"We thank you all for your detailed presentations; our prayers are that your fountain of knowledge shall not run dry, AMEN. All who made the long trips, especially the representatives of KSANG National and our sister chapters: Atlanta, New York, Texas, Chicago, Florida; All members of the high table at the Night Gala: Dr. Saraki, Chairman of the occasion and Honoree (Citizenship Award), who could not attend due to last minute constraints; Mrs. Olobayo, Chairwoman of the occasion; Chief C.O.Adebayo, Special Guest of Honor and Honoree (Outstanding Service Award); Professor Ibrahim Gambari, KSANG DC's Grand Patron and event's Keynote Speaker; His Royal Highness Alhaji Y. A. Babalola Egunjobi II, Elesie of Esie, our most Special Royal Guest of Honor. Other guests of Honor include Mr. Jude Rotimi, an entrepreneur of Kwara State origin from Seattle (WA), and Mrs. Kollington (DC). Tons of thanks to all of you for the grace with which you participated at the Gala. All those that contributed during the fundraising; may your pockets never run dry, AMEN."
Some made pledges at the night gala and the Secretary was nice enough to remind them to "Please mail pledges and contributions to: KWARA STATE ASSOCIATION OF NIGERIA, N.A. WASHINGTON, D.C. CHAPTER, P.O.BOX 91276, WASHINGTON, D.C.20090."

The Secretary was full of praises to everyone that made the event a success, a way of showing appreciation to people's contribution toward the success of the anniversary.

"Finally, to all whose undying efforts brought this event to fruition, believe me your immense sacrifices are very well noted. Your rewards can only be from the Great One Above. Our prayer is that may the source of your energy stay strong! AMEN. THANKS EVERYONE! Lots of thanks for your unconditional support! We wish you Godspeed. See you at Atlanta 2004."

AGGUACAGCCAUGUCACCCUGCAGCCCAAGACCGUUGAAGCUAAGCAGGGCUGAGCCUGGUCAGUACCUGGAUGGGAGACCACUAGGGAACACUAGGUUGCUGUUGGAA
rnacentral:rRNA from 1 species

Atlanta is the next stop on June 18 and 19 2004.

It was a wonderful 10th anniversary that Washington D. C. put together; gathering from all testimonies, it was one of the best shows DC chapter ever put together. The event brought home the plights of the disabled in Kwara State most especially and in Nigeria in general. I believe that KSANG, DC Chapter has started the crusade against the government's cold attitude toward the people with disabilities. Other Kwarans would mobilize their resources to get the Government attention on the subject.

Kwara State belongs to everyone of us, especially those that are true Kwarans, who have Kwara interest at heart, who want something from the Government, that is, catering for our people, with no place to go except Kwara State. We do not have any other place to run to when we have to run. Since we are not as fortunate as others to run to another location in case things don't work in Kwara State, we have to work harder to protect the State.

Once again THANKS TO DC CHAPTER for putting the Kwara State name on the world map. It is a challenge for the rest of other Kwarans to build upon, so that we won't end at the 'most expensive nursing home' in our places of residence.

The two-day convention in getting practical approaches to these areas of need for our people through any State Government is coming to Atlanta, June 18 and 19, 2004, forming partnership with the State Government. It is the race for all Kwarans to run, not only Atlanta Chapter, or officials, it is for the true Kwarans. No truly born Kwarans would want to be left out at this time when we have a hearing Governor; the same party in the State with the National Party, two Federal Ministers, reliable Senators and those at the House of Representatives, and at the State House of Assembly are about 98% of the same Party.

We have friends of Kwarans supporting us. Only a telephone call to the presenters within a very short notice brought them to the discussion table. Joining hands together brings about the success.

Keep it up. The race has just begun. KSANG D.C. Chapter has just sentenced OWAMBE style of Association to death and nailed its coffin.

Kwarans are inviting you all to join them in Atlanta, June 18 and 19, 2004, as they form partnership with the State of Georgia. KSANG takes another stride in its efforts in making its home government responsive to the needs of its citizens.

Good job!